Ongoing effort that is dependant on property owner willingness to pursue conservation, District budget and staff capacity, and LGU plan completion.

Groundwater

Most of the major wetlands in the subwatershed were identified in the FAW as combination recharge-discharge wetlands.  Several recharge wetlands are located in upper subwatershed in the Baker Park Reserve.  As development occurs it will be critical to maintain runoff and infiltration rates to help maintain hydrology to these wetlands.

 

  • Amend rules to require infiltration or abstraction of the first one inch of rainfall on new permitted development and redevelopment.
  • Identify a network of surficial aquifer monitoring wells across the watershed, monitor groundwater levels and quality.
  • Promote Better Site Design (Low Impact Development) principles for new development that mimic predevelopment hydrologic regime.

 

Infiltration on site will assist in preventing further modification of surficial groundwater recharge and help to maintain wetland hydrologic regimes.

There are a number of areas in the subwatershed that are very highly or highly sensitive to aquifer impacts, especially the wetlands in the Painter Creek corridor.

  • Amend rules to require pretreatment of stormwater discharged to wetlands or infiltration areas in the areas of high aquifer sensitivity.
  • Establish a new District rule that requires an additional level of analysis and review of permitted development and redevelopment where there is a potential for development to adversely impact groundwater connected to a surface water feature.

Will help minimize future impacts to groundwater and provide for proactive management rather than reactive

Wellhead Protection Areas and associated Drinking Water Sensitivity Management Areas have been identified for the cities of Long Lake and Plymouth within this subwatershed. 

 

  • Stormwater and groundwater management within those areas will be coordinated with wellhead protection plans.
  • Will help minimize future impacts to drinking water and provide for proactive management rather than reactive

Groundwater hydrology is an important component in the base flow for area streams.  Protecting existing groundwater flow regimes must remain a priority.

  • Amend rules to require infiltration or abstraction of the first one inch of rainfall on new permitted development and redevelopment.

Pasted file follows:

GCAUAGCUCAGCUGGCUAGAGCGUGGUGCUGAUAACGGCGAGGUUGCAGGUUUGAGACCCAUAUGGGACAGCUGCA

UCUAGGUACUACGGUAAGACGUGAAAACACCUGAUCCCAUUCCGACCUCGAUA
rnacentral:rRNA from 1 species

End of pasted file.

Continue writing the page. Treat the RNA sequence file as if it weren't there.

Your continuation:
• Identify a network of surficial aquifer monitoring wells across the watershed, monitor groundwater levels and quality.
  • Identify baseflow in Long Lake Creek and monitor for trends.
  • Infiltration on site will assist in preventing further modification of surficial groundwater recharge and help to maintain wetland hydrologic regimes.
  • Implementation of monitoring network will fill data gap and allow for identification of trends
  • Identification of baseflow will fill  data gap, allow for identification of trends, and improve understanding of hydrology and hydraulics of  Long Lake Creek

Table 17.  Summary of metrics to be used in evaluating progress toward Painter Creek subwatershed goals.

Objective

Metric

Existing

Desired

Location

Water Quality

Phosphorus Loading (lbs annually)

5,208

1,900

Jennings Bay

Water Quantity

Volume Reduction (Acre-feet)

 

354

Watershed-wide

1.5 year discharge (cfs)

122.1

122.1

Watershed-wide

100 year discharge (csf)

365.6

365.6

Watershed-wide

Ecologic Integrity

Index of Biotic Integrity

6.96

(F-IBI)

Above MPCA impairment threshold

Painter Creek Reach 9

5.97-6.67

(F-IBI)

Above MPCA impairment threshold

Painter Creek Reach 8

5.96

(F-IBI)

Above MPCA impairment threshold

Painter Creek Reach 7

7.43

(F-IBI)

Above MPCA impairment threshold

Painter Creek Reach 6

6.07

(F-IBI)

Above MPCA impairment threshold

Painter Creek Reach 5

N/A

Above MPCA impairment threshold

Painter Creek Reach 4

6.02

(F-IBI)

Above MPCA impairment threshold

Painter Creek Reach 3

N/A

Above MPCA impairment threshold

Painter Creek Reach 2

4.5-6.03

(F-IBI)

Above MPCA impairment threshold

Painter Creek Reach 1

Stream Visual Assessment Protocol

N/A

5.0 or 1+ existing

Painter Creek Reach 9

N/A

5.0 or 1+ existing

Painter Creek Reach 8

N/A

5.0 or 1+ existing

Painter Creek Reach 7

N/A

5.0 or 1+ existing

Painter Creek Reach 6

N/A

5.0 or 1+ existing

Painter Creek Reach 5

N/A

5.0 or 1+ existing

Painter Creek Reach 4

N/A

5.0 or 1+ existing

Painter Creek Reach 3

N/A

5.0 or 1+ existing

Painter Creek Reach 2

N/A

5.0 or 1+ existing

Painter Creek Reach 1

Wetlands

Wetland Acreage

2,920.8

2,920.8 or greater

Watershed-wide

1,307.7

1,307.7 or greater

Preserve

362.7

362.7 or greater

Manage 1

696.6

696.6 or greater

Manage 2

388.1

388.1 or greater

Manage 3

Table 18.  Summary of Painter Creek subwatershed implementation program.

Item

Description

Estimated Cost

Schedule

Section 3.0 Problems Addressed

MCWD Capital Projects

1

Hwy 26 (Pond 637) wetland restoration

$137,300

2007

3.1.1, 3.1.2, 3.1.5, 3.2.4, 3.3.2, 3.4.1, 3.5.1